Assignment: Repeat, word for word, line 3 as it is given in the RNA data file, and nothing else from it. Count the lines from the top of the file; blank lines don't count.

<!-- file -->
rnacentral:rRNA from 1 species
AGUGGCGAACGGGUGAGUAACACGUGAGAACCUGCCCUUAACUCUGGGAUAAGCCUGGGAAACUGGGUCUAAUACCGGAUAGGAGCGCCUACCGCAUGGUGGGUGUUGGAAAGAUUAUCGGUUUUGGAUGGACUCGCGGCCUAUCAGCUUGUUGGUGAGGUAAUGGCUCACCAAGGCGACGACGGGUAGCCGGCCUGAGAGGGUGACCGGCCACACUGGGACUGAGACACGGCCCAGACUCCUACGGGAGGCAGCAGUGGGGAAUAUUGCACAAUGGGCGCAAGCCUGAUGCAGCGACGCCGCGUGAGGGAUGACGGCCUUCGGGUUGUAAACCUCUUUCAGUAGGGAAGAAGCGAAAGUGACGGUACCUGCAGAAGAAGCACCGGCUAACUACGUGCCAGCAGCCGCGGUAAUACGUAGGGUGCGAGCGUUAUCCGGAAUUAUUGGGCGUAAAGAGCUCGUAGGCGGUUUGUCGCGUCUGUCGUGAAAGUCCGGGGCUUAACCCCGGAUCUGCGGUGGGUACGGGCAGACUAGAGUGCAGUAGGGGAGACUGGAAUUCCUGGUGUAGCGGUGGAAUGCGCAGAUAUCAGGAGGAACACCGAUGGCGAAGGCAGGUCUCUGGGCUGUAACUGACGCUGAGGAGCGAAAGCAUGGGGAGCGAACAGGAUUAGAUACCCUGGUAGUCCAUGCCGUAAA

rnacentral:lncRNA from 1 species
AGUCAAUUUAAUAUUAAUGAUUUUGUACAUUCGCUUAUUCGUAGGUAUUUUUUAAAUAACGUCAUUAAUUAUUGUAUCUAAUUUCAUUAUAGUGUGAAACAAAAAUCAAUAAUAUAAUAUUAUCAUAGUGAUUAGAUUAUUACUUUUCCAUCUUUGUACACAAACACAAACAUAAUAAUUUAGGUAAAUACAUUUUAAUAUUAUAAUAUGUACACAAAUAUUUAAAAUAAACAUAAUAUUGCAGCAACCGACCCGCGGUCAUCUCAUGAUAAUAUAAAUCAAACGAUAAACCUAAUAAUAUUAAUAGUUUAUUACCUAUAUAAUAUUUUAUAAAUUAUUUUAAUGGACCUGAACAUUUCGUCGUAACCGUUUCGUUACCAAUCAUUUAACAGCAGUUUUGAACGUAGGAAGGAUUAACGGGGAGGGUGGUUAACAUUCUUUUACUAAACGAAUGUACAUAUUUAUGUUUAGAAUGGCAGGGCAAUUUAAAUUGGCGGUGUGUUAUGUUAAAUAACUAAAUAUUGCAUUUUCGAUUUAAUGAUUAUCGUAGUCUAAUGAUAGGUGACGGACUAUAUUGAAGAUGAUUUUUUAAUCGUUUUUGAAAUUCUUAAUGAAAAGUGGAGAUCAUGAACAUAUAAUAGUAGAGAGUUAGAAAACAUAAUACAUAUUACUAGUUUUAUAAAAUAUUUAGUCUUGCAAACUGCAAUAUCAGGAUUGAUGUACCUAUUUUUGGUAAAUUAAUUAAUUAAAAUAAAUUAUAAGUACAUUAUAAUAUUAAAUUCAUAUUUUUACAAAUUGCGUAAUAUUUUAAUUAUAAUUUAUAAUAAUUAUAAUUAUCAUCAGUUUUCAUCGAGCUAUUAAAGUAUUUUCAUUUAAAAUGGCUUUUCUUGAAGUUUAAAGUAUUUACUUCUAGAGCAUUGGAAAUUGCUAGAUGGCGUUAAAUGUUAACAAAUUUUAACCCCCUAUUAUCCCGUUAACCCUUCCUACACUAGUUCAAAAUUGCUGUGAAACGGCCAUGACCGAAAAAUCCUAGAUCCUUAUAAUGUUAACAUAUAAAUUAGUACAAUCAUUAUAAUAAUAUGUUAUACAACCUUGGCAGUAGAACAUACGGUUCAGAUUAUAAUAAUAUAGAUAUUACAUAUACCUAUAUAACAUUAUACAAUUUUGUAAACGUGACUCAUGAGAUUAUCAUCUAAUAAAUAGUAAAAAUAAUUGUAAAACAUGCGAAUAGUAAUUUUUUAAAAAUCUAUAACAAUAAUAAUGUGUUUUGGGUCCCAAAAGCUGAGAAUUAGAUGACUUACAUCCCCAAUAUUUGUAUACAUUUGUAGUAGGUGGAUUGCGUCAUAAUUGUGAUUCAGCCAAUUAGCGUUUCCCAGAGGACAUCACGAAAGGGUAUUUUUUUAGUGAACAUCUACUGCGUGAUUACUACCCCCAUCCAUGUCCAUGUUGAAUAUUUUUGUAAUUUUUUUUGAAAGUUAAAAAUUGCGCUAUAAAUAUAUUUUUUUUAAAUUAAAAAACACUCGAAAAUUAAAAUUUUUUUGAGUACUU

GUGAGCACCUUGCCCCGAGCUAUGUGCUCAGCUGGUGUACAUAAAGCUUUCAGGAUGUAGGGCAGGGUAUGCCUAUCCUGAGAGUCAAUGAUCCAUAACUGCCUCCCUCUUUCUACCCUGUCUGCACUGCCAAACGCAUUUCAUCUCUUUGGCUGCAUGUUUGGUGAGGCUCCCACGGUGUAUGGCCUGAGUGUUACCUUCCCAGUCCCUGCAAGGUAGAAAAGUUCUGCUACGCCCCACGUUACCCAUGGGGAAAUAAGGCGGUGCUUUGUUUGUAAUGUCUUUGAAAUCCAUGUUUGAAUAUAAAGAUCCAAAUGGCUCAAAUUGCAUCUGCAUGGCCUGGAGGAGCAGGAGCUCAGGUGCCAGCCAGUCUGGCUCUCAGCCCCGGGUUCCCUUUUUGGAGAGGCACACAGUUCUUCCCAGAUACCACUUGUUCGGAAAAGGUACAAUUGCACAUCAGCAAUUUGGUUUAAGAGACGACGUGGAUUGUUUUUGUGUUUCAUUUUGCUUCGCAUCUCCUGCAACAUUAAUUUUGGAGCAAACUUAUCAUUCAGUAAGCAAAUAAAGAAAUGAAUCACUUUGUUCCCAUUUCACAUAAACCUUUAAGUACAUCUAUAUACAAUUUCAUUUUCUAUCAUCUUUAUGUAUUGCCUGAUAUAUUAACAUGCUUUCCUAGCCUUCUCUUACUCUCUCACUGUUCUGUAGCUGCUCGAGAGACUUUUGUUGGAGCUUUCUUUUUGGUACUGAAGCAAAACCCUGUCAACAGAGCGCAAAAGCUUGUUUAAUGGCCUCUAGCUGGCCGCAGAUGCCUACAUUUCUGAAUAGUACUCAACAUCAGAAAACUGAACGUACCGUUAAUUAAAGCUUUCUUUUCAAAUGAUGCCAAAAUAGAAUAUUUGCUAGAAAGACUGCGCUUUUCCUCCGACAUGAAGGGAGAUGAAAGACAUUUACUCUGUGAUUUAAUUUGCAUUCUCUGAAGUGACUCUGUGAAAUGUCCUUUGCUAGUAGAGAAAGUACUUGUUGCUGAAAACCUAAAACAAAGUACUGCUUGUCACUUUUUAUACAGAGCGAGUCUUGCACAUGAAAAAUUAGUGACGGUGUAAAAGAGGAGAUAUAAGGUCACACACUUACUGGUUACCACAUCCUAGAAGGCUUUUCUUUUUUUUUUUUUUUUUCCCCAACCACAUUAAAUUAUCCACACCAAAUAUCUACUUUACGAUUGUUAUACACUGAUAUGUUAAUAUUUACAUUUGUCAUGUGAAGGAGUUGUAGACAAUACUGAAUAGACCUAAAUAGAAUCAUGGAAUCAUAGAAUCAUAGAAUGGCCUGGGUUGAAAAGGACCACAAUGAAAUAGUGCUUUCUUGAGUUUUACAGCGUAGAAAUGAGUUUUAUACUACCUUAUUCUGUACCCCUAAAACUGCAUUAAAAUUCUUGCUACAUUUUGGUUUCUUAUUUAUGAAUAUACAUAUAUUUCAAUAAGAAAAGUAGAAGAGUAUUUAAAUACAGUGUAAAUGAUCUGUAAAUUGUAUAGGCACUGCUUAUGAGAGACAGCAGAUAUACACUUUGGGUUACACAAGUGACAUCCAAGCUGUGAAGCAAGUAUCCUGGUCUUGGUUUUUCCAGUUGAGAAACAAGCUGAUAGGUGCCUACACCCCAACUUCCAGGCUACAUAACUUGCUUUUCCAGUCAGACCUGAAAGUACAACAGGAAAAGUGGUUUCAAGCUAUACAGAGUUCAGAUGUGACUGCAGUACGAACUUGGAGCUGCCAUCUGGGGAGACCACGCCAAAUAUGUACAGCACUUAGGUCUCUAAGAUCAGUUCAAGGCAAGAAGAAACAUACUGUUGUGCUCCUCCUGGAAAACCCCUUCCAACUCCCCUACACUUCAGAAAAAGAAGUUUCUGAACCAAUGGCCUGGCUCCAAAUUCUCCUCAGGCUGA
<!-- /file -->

rnacentral:lncRNA from 1 species